Tips on Virtual Learning Events

The move to virtual has accelerated rapidly with Covid19, but long before this some teams and organisations were doing things virtually — and finding not only disadvantages, but also some benefits.

Here a few tips on hosting virtual meetings — and sharing knowledge, building relationships in the process.

These are gleaned from recent experience at The Nature Conservancy, which has over 4000 staff across many countries — as well as from experts sharing their insights on platforms such as the Harvard Business Review.

Some tips from recent events and ‘best practice’

Other Resources

Three links to one pagers that summarise some tips on virtual meetings and effective webinars. Gleaned from inside and outside TNC. Get in touch (d.schaub-jones@tnc.org) if you’ve some to add or feedback!

Bucks Primer 1 — Effective Webinars

https://tnc.box.com/s/wkedpmjpxlcc8a43fm0tmzxd99o5vj64

Bucks Primer 2 — Virtual Meetings Advice

https://tnc.box.com/s/ngjnbt4dhxqbdnyfoi2oengx2iplfcwu

BuCKS Primer №03 — Behind the Scenes for Zoom Webinar Organisers

https://tnc.box.com/s/xjklo9f96xl7w1qzryq1xvy8xjjaup4r

BuCKS stands for Building Capacity & Knowledge Sharing. Here a copy of the powerpoint used in the video:

A virtual event can open up new opportunities

It is tempting to think of a virtual event as a pale facsimile of the real thing.

Better is to think of a virtual event as something different than an in-person event, something that permits fresh thinking and new opportunities.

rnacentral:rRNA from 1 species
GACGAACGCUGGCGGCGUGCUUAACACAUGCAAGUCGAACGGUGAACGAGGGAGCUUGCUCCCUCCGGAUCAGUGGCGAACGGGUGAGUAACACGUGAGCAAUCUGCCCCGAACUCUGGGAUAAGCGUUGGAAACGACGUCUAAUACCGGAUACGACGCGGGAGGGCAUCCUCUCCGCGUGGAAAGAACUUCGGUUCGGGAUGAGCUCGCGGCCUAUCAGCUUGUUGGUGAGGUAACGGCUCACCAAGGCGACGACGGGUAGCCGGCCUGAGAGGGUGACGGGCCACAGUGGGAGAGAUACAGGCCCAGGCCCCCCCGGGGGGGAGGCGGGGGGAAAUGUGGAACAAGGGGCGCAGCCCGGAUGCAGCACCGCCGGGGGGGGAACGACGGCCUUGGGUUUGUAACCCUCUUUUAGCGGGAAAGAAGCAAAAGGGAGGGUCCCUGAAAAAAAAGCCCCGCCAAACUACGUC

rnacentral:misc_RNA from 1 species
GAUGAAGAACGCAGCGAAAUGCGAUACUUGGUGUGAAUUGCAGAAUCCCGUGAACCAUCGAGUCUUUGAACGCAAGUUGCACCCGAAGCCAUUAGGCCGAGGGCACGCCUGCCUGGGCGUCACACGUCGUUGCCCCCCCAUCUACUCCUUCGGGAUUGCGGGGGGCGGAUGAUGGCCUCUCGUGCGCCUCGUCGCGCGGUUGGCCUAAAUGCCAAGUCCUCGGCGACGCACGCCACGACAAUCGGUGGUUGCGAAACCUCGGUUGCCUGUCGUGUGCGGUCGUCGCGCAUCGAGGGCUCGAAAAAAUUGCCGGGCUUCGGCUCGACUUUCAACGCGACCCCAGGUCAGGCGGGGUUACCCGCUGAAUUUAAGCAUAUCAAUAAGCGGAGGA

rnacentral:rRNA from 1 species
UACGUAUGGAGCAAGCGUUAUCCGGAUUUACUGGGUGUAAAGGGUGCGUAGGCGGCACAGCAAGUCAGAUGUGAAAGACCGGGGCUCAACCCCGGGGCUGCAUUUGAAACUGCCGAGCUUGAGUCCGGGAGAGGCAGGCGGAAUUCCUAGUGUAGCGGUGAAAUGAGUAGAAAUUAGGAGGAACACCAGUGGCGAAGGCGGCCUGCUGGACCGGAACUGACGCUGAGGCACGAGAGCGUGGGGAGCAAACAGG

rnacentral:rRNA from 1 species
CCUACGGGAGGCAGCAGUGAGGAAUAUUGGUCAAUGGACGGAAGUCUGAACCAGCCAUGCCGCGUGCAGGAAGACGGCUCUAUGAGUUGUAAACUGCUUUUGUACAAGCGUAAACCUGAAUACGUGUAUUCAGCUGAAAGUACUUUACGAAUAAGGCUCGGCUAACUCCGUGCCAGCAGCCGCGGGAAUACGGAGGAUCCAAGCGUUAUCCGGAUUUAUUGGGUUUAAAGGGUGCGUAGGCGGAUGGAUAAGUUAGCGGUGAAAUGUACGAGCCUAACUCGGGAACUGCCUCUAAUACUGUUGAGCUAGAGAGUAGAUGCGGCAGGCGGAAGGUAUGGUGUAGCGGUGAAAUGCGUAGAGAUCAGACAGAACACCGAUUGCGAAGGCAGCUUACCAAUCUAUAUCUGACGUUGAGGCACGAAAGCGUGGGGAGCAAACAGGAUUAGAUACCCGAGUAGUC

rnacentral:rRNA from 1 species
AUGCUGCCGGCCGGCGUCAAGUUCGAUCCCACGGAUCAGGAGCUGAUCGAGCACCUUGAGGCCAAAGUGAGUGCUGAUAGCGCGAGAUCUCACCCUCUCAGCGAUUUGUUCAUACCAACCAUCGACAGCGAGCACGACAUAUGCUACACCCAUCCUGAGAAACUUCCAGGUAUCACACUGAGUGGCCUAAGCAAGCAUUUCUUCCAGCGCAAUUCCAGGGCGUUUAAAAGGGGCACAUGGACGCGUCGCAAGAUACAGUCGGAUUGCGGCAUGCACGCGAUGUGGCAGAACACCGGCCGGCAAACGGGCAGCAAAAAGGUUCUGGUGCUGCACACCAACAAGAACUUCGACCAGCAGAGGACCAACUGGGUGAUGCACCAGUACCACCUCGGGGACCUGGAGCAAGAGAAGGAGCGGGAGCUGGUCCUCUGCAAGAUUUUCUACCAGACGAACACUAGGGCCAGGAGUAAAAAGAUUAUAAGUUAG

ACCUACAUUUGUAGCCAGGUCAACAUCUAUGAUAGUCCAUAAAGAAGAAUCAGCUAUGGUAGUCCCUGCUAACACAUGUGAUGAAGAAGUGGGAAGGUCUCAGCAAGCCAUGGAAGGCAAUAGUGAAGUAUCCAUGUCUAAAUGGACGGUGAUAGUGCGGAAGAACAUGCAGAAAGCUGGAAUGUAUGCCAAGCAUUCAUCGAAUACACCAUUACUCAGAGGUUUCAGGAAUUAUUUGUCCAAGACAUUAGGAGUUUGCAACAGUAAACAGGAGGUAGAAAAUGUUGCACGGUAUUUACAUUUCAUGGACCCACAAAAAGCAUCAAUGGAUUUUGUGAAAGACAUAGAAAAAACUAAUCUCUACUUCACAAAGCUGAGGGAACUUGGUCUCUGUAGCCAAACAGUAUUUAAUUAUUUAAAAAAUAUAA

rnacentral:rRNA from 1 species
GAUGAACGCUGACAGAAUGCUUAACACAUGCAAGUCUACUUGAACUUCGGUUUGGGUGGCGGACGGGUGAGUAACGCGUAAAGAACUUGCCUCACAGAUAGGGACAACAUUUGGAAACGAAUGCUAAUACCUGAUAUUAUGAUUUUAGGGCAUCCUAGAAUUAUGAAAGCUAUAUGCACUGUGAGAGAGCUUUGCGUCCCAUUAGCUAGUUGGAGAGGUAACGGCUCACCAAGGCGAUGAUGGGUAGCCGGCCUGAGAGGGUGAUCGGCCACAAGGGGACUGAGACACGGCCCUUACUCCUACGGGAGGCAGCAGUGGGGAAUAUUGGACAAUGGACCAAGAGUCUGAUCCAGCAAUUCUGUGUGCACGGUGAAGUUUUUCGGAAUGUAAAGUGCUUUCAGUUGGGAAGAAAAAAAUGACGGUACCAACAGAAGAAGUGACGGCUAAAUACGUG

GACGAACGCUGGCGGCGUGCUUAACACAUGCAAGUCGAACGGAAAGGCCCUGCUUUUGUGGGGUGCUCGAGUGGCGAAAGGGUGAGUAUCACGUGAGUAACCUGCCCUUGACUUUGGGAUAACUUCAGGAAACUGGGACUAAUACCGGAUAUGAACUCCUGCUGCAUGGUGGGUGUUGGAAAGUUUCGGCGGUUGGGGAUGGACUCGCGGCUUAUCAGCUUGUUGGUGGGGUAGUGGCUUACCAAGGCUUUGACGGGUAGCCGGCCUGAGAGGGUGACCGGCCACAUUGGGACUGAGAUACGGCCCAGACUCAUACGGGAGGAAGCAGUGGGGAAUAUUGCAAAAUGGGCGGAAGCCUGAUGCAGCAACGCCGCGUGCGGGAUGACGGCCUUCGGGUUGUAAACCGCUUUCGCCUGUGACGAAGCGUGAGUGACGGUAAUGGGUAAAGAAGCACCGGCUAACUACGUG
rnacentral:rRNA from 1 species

In March 2020 when we needed, with 3 weeks notice, to turn a 12 country, four day get-together in Bogota into a virtual event, we saw some immediate new opportunities. One was to invite more people now that there were no travel costs. We went from 45 attendees to 95 in short order and still managed to generate effective engagement through a mix of lectures and breakout groups (although, a note of caution, going over 60 people for even a virtual event seems to shift the dynamic and remove some possibilities).

One opportunity is to use digital tools to engage with the audience, break up presentations but also launch new discussions. For this a wordcloud, generated live, can be particularly thought provoking (especially if groups then work off the words and phrases generated).

Another reflection is that, with a virtual event, you’re already engaging remotely with participants. As such it can offer a great opportunity to spread your interaction over time and not have it compressed inside a few long days. This can allow time for assignments, groupwork, sub-topics and small team interaction.

Creating touchpoints that ‘echo’ your event after it happens (which can be as simple as email conversations, or shared photos) can reinforce the key messages, learning and team building.

Creative, light-touch, ways exist to reinforce the learning or sharing after the event, or even to build up to it in advance.

Flatten the Curve —reducing how fast your engagement decays

Resources for TNC staff only

Staff blog on having a virtual Provide Food & Water retreat

Video of an interactive discussion on hosting large meetings virtually

Workplace (facebook) group for staff to discuss large virtual events

Click here for the group: https://tnc.workplace.com/groups/633985460720369/

Get in touch with David Schaub-Jones if you’ve any further questions or suggestions!

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The Nature Conservancy is one of the world's largest conservation organisations. Water security is amongst our top priorites-follow this account to know more.